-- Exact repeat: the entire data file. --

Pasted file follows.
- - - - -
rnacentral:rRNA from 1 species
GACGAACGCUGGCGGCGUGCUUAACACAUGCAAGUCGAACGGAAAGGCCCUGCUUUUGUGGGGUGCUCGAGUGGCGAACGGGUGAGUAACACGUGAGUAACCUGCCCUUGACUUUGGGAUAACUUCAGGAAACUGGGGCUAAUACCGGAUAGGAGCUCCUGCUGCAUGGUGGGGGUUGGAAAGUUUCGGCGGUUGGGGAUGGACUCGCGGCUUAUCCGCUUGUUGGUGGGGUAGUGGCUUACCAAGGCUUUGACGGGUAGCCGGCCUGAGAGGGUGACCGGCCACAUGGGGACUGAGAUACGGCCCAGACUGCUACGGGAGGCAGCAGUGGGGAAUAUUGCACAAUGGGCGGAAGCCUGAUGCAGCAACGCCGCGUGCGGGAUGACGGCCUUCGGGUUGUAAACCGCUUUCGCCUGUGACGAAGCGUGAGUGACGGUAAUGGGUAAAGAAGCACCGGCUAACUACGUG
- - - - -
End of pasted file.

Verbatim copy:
rnacentral:rRNA from 1 species
GACGAACGCUGGCGGCGUGCUUAACACAUGCAAGUCGAACGGAAAGGCCCUGCUUUUGUGGGGUGCUCGAGUGGCGAACGGGUGAGUAACACGUGAGUAACCUGCCCUUGACUUUGGGAUAACUUCAGGAAACUGGGGCUAAUACCGGAUAGGAGCUCCUGCUGCAUGGUGGGGGUUGGAAAGUUUCGGCGGUUGGGGAUGGACUCGCGGCUUAUCCGCUUGUUGGUGGGGUAGUGGCUUACCAAGGCUUUGACGGGUAGCCGGCCUGAGAGGGUGACCGGCCACAUGGGGACUGAGAUACGGCCCAGACUGCUACGGGAGGCAGCAGUGGGGAAUAUUGCACAAUGGGCGGAAGCCUGAUGCAGCAACGCCGCGUGCGGGAUGACGGCCUUCGGGUUGUAAACCGCUUUCGCCUGUGACGAAGCGUGAGUGACGGUAAUGGGUAAAGAAGCACCGGCUAACUACGUG